Sunday, January 27, 2008

"Most are not wanting to have to sell their land just so people can get cheaper goods from China routed through Mexico."

Corridor would gobble up land

January 27, 2008

The Palestine Herald
Copuright 2008

Have you ever stopped to think how big a million acres is?

I sat down to do a little calculating the other day to try and put it in perspective. It takes 640 acres to make a section, which equals a square mile. That means a million acres is equal to 1,562 square miles.

In local terms, Anderson County covers an area of about 1,077 square miles, so a million acres would be about 1 1/2 times the size of this county, or an area roughly measuring 35 miles wide by 45 miles tall.

Why the lesson on land measurement; that’s just so you know how much land the state of Texas is wanting to steal from Texas landowners.

Maybe steal is too strong of a word, because the landowners will get some money out of it when the state goes ahead with its plans of building the I-69 Trans Texas Corridor, but most are not wanting to have to sell their land just so people can get cheaper goods from China routed through Mexico.

Now just for the record, Texas Transportation Vice Commissioner Ted Houghton said this newest planned corridor is not a NAFTA superhighway, but a way to help keep Texas’ ever increasing population on the move.

Now the commissioner is right about some things. Texas is experiencing a lot of population growth and some of our roads are getting crowded, but one question I do have is, how can a road stretching from the border town of McAllen, or Laredo, all the way to Texarkana, benefit anybody but overland freight haulers?

The I-69 TTC is nothing more than a superhighway around the state’s largest population center and then a fast lane out of the state up to the future inland ports in the center of the country.

“I don’t know how this couldn’t be (a NAFTA highway,)” said Corridor Watch co-founder Linda Stall. “This road would go from Texas’ border with Mexico deep into the U.S.

“They (transportation officials) have always used truck traffic as a justification for these roads, but that’s not real popular right now,” she added.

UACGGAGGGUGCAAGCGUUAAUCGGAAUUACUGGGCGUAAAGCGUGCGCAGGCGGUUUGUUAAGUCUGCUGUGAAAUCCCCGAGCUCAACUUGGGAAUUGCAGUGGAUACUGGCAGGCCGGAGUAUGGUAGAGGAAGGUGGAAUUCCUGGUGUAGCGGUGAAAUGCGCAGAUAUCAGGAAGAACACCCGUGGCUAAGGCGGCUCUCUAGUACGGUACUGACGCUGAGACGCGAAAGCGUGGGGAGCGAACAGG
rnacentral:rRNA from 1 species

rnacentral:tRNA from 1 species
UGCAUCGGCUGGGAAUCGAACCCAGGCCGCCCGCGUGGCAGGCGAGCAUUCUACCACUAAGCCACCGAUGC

At a meeting in Hempstead, Houghton said it didn’t connect to Mexico because it stopped in Brownsville or McAllen — two cities that share a border with Mexico.

“They like to play word games,” Stall said of transportation officials.

Back in May, a moratorium was placed on TxDOT executing agreements with private partners for collecting tolls.

“They can’t sign an agreement, but that doesn’t stop them from negotiating,” Stall said.

The moratorium also doesn’t keep TxDOT from doing environmental impact studies and other necessary work needed to see the roads get built.

TxDOT hopes to have the final Environmental Impact Statement prepared and made available for public review by this summer, with federal approval expected by this winter.

Now, once again, to put the size of these corridors in context, the corridors, as designed by the state, would cover an expanse approximately 1,200 feet wide and would include several lanes for traffic, rail, along with energy and telecommunication lines. In other words, for every mile of TTC, 146 acres would be gobbled up by the state.

Take a look at the Family Land Heritage site and you’ll find a large number of counties in deep East Texas with large number of farms that have been in the same family for more than 100 years.

That doesn’t matter to the state, if they want it, they’ll get it.

It may seem distant for those of us living in Anderson County, but for our neighbors living in southern Houston and Cherokee counties, Trinity, Walker, Angelina and Nacogdoches counties, the specter of a quarter-mile swath being taken from middle of the beautiful East Texas Piney Woods is unthinkable.

There is something we can do. For those who oppose the coming of the I-69 corridor, Stall advises they attend the series of town hall meetings set for across East Texas and she also advises people to write their state representative and senator.

“Numbers count,” Stall said. “When an elected official sees hundreds of their constituents at a meeting opposed to something, they will take notice.

“Write letters to them if you are opposed to it, express your feelings because our state representatives pay attention to those letters,” Stall added.

For more on the TTC, visit

To get a list of upcoming public hearings on the I-69 TTC, visit the TxDOT Web site at


Wayne Stewart may be contacted via e-mail at

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